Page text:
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Who are Putin’s allies? Russian leader looks to Asia for help


Sep 7, 2022

Russian President Vladimir Putin, apparently in fighting form for someone who never fully escapes rumors that he’s gravely ill, insisted Wednesday that Russia hasn’t lost “anything.” Never mind that according to U.K. estimates, 25,000 of its soldiers have died over these past six months in Ukraine.

That topic never comes up when the Russian leader speaks. Furthermore, Putin continued, addressing an annual economic forum in the far eastern city of Vladivostok, Russia “cannot be isolated.” 

“That is impossible to do,” he said, “You just need to look at the map.” 

But Oleg Ignatov, who previously held jobs in Putin’s United Russia party but now works for the International Crisis Group think tank says, sure, Russia’s got people to talk to — from China to Azerbaijan — but what it needs right now is concrete help in the trenches to win this war. And that, Ignatov says, is not forthcoming.

 “Russia needs technology. Russia needs ammunition,” he tells Fox News.


“Russia needs military equipment. Yes-everything.” Ignatov says, “Russia does not have any allies, except maybe for Belarus. But it’s not helping in terms of soldiers. And so, in terms of the military operation, Russia is in isolation.”

Putin was also defiant about Russia’s economy

“Russia is coping with the financial and technological aggression of the West,” he said. “I’m talking about aggression There is no other word for it. But foreign currency exchanges and stock exchanges have stabilized. Inflation is going down. The level of unemployment is at an all-time low. It’s under 4%.”

But Ignatov, like many who are watching the Russian economy closely, says, give sanctions a bit of time — perhaps a few more months — and they will have a more dramatic effect.

Andrey Kortunov, who runs the Russian International Affairs Council, says that in fact so far the country is not in a deep economic crisis and Putin was at pains to project that from the podium in Vladivostok. Kortunov added, the deficits that exist right now in Russia don’t affect all citizens. And, he said, “Mostly Russians are not that connected to the global economy.” The state of course is a major employer. Moscow does have ways to keep employment figures favorable.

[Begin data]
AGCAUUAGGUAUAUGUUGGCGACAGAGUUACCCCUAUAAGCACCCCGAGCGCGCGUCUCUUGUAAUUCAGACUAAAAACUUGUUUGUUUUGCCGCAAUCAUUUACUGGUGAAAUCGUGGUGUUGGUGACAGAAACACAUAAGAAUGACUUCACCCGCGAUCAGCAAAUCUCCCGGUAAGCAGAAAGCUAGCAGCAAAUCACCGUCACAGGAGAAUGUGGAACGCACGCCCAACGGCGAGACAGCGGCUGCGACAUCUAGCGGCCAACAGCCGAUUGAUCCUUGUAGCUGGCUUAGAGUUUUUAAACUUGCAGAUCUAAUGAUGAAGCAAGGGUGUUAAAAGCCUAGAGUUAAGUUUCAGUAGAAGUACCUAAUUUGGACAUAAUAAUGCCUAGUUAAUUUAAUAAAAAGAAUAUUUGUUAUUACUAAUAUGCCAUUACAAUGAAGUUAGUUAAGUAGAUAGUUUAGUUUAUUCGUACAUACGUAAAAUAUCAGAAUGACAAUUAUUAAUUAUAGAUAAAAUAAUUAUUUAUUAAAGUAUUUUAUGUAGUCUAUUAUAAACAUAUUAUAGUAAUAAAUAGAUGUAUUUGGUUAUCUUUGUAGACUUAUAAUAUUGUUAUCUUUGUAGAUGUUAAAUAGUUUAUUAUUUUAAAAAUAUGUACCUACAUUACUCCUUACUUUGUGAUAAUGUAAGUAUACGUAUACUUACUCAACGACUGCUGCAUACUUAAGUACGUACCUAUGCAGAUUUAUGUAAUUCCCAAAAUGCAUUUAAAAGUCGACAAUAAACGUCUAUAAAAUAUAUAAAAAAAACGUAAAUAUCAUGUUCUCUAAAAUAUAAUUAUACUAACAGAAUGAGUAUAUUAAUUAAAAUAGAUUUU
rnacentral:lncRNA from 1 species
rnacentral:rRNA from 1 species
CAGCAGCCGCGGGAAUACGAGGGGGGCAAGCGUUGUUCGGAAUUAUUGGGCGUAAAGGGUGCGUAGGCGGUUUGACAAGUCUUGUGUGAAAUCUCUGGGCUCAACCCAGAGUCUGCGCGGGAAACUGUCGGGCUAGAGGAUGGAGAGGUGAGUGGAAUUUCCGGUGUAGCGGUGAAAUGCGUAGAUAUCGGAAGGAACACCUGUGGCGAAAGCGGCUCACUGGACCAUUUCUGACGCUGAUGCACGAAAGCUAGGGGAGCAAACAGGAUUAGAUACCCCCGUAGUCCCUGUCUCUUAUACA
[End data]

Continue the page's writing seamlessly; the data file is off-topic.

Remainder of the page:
Putin spoke at length about growing ties with the East as he was in the company of leaders and politicians from Asian countries. He highlighted problems in Western economies and said the future is in the East, where he said there are more than enough takers for Russia’s abundant reserves of energy. The Russian president called European plans for a price cap on Russian gas “stupid” and said he’d just close off the taps if that happens.

On Putin’s further claims that just about all Russians support his war, Ignatov said that probably more than half “do not oppose” the war. He explains it as part of the unwritten social contract of the Putin years in which Russians at some point decided collectively that politics are not for people. They, therefore, don’t need to take ownership of their government’s actions.

“It means the Kremlin is responsible for every political decision,” Ignatov says. “And Russian society does not want to see itself as part of this process.”

And what does the rest of the non-Western world think of this war that many have not said a word against? Do they support it, I asked Kortunov, or are many just staying expediently silent?

“Most of these countries sit on the fence and monitor the situation,” he says. “They prefer not to take sides. They take advantage of the opportunities that arise from it. China and India get discounted oil. Each country plays its own game. Russia cannot count on any particular generosity.” 


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